To submit your application, you will need to provide us with one set of certified copies, one set of plain copies and your signed application form.
You can come to the legalisation office at the Embassy in London or the Consulate General in Edinburgh to have the copies of your documents certified and to hand in your application in person. The legalisation office will then forward your application to the competent department. Please note that the staff of the legalisation office cannot provide any advice on citizenship matters. If you have any questions before submitting your application, contact the Embassy or Consulate General.
No appointment is required for certifications. Certification is free of charge for all citizenship applications at the Embassy or Consulate General.
Alternatively, you can contact a German Honorary Consul near you for certifications. This may incur a fee.
For the certification of your copies and documents you will need to bring:
- Your original documents
- Two photocopies of each document
- Valid passports of the applicants
A third option is to have your copies certified by a notary public and send your application by post and have your copies certified by a notary public. Please be aware that copies cannot be certified by institutions such as the post office or your bank.
Once certified, you can post your application to the following address:
German Embassy London
23 Belgrave Square
Consulate General Edinburgh
16 Eglinton Crescent
Please note that original documents will not be returned. We therefore recommend submitting certified photocopies instead.
Please note that all foreign documents that are not either in English or German will have to be translated by a certified translator. The Embassy, the Consulate General and Honorary Consuls do not provide translation services. Translators accepted by the BVA can be found e.g. on the website of the Institute of Linguists in London.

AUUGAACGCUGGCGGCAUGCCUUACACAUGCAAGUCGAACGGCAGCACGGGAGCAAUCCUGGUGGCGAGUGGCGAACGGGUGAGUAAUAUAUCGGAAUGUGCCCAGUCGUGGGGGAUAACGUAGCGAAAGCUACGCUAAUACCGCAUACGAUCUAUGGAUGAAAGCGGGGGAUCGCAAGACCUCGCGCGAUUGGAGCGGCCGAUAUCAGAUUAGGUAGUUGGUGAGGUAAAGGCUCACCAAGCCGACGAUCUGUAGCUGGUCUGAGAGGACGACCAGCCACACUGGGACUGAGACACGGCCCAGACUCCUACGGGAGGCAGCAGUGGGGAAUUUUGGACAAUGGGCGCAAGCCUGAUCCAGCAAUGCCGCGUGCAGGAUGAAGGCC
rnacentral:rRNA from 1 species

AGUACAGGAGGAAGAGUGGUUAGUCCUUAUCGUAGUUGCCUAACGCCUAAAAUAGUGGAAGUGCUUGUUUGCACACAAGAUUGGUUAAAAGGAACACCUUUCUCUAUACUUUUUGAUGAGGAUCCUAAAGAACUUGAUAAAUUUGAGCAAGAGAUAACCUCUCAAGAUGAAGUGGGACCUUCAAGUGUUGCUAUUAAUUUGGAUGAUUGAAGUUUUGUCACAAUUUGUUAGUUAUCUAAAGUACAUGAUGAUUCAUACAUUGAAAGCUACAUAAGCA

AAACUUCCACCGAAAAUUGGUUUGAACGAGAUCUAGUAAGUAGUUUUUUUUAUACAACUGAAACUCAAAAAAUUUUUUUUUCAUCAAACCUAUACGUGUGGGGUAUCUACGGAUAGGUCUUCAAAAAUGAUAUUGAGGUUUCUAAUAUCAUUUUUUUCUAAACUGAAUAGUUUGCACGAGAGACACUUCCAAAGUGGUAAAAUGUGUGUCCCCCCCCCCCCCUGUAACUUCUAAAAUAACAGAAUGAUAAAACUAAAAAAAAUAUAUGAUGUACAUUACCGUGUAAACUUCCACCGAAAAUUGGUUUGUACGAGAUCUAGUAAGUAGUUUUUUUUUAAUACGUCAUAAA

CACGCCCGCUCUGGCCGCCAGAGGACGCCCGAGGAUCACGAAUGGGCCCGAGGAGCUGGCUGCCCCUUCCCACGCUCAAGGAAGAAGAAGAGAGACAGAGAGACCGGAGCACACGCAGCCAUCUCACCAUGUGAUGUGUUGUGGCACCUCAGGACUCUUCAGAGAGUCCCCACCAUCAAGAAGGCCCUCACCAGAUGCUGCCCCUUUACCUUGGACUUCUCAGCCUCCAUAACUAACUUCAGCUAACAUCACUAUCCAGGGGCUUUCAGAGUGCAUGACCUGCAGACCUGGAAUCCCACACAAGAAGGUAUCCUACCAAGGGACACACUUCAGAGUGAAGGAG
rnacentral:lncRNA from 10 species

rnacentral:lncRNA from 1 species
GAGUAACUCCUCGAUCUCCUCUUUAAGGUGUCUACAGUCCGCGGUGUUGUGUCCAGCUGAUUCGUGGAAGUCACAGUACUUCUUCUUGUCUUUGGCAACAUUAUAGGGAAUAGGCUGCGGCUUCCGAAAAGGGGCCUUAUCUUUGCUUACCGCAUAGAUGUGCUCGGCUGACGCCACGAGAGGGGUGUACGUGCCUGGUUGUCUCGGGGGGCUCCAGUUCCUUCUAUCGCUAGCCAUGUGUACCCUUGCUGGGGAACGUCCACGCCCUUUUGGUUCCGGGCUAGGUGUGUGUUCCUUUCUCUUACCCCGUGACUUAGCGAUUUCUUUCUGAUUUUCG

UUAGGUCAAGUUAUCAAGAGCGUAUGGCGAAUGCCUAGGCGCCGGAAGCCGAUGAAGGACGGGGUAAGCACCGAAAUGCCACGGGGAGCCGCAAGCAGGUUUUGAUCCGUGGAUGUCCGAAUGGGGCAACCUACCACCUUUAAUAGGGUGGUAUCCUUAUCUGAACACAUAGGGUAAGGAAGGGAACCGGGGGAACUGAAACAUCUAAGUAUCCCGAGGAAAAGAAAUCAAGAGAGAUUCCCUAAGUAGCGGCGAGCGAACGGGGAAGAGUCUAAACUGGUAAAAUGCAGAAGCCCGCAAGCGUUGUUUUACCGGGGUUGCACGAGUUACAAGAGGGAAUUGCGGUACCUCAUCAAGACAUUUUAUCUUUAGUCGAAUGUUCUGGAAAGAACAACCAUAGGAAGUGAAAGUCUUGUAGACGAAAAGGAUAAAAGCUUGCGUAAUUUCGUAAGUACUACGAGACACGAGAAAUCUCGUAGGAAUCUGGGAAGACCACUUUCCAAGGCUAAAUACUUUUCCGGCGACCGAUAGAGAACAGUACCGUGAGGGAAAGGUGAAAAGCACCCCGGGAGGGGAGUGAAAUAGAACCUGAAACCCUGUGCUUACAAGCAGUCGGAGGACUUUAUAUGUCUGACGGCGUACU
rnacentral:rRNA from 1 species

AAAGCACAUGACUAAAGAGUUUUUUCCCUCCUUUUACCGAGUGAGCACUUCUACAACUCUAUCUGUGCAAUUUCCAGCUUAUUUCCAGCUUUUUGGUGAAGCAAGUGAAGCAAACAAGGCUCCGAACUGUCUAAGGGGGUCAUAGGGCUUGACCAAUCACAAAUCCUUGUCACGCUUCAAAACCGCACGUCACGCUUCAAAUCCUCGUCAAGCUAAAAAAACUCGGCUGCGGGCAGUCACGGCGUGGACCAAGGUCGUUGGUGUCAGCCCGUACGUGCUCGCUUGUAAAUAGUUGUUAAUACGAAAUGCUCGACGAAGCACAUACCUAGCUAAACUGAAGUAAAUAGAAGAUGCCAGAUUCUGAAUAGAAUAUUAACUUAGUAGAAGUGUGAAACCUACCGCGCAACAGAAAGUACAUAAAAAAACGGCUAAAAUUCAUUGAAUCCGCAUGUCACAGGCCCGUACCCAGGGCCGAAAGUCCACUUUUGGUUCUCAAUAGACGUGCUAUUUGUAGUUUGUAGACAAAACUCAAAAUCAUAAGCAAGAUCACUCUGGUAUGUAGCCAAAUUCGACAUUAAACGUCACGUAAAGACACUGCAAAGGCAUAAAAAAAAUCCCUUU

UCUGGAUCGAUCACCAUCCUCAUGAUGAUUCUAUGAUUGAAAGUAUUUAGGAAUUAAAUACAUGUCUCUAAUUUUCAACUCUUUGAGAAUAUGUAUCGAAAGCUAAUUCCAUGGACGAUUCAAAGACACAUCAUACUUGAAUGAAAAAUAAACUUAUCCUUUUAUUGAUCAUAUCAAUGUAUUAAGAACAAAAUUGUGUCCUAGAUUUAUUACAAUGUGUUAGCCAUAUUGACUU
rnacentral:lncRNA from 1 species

Average Processing Times
Current processing times for applications for German citizenship have risen considerably due to the worldwide increase in applications. They also vary according to the kind of application and the complexity of each individual case. There is therefore currently no such thing as a normal processing time.
Copies of UK naturalisation certificates and further useful information can be found on the website of the UK National Archives.
For marriage and birth certificates you might be able to contact the local authority at the place of marriage and birth respectively. In Germany, this is the local Standesamt (Registry Office), or, if dating back further, the relevant city archives. Some of the Standesamt websites offer services to order these documents online.
For certificates of citizenship and the necessary research, the German Millitary Archives and WASt might be a useful resource. Helpful information can also be found by the BVA directory of relevant archives Fons Civitatis (the information is provided in German only).
Please also refer to our guide on how to trace information on family members.
Please use the contact form provided.